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Regional Cerebral Oxygenation And Blood Volume Responses In Healthy Women During Seated Whole-Body Vibration (WBV) - Introduction; Proceedings Of The First American Conference On Human Vibration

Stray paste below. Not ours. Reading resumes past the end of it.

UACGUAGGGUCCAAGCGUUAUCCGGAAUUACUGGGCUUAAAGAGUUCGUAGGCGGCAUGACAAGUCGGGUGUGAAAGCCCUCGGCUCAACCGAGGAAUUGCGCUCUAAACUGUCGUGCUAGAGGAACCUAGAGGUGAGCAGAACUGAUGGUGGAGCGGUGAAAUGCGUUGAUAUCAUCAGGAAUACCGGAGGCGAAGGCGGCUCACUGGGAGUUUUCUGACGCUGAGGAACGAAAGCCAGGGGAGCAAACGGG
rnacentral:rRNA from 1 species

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    Landstrom et al. (1985) suggested the possibility of cortical activation during exposure to WBV, however, it is not known how cerebral physiology (oxygenation and blood volume) responds in healthy women during different vibration frequencies. This study examined the role of backrest support and handgrip work on cerebral oxygenation and blood volume responses, during exposure to seated WBV. Methods Fourteen women (age: 23.9 ± 3.5 years) were randomly exposed to three frequencies of WBV (3, 4.5 and 6 Hz at approximately 0.9gr.m.s in the vertical direction) on a customized vibrating base (Advanced Therapy Products, Inc., USA) in a seated posture on three separate days. On the first day, the subjects completed an aerobic fitness test until volitional exhaustion on an arm cranking ergometer (Cybex, MET 300, USA). Each WBV session lasted 30 min (6 min baseline without WBV, 8 min WBV ‘with’ or ‘without’ backrest support, and 4 min recovery from WBV, 8 min WBV with ‘opposite’ backrest condition, and 4 min recovery following WBV). During 8 min WBV exposure ‘with’ and ‘without’ backrest support, subjects performed maximal voluntary rhythmic handgrip contractions with their right hand for 1 min using a dynamometer. To obtain regional oxygenation and blood volume responses, a NIRS sensor (MicroRunman, NIM, Inc., PA, USA) was placed on the anterior right frontal lobe just below the hair and close to fronto-temporalis region (Maikala et al. 2005). Results Baseline oxygenation and blood volume values were recorded during recovery from each WBV session of ‘with’ and ‘without’ backrest support. The physiological change in oxygenation and blood volume during each frequency (3, 4.5, and 6 Hz) for both backrest (‘with’ and ‘without’ a backrest) and workload (WBV only and WBV combined with rhythmic handgrip contractions) was calculated as the difference between the maximum values identified for each WBV condition of backrest and workload and baseline values (Maikala et al. 2005). Three-way analysis of covariance with repeated measures (frequency, backrest, and workload) with a fully crossed design was used to evaluate the differences in the oxygenation and blood volume responses (measured in optical density [od] units). Peak oxygen uptake during

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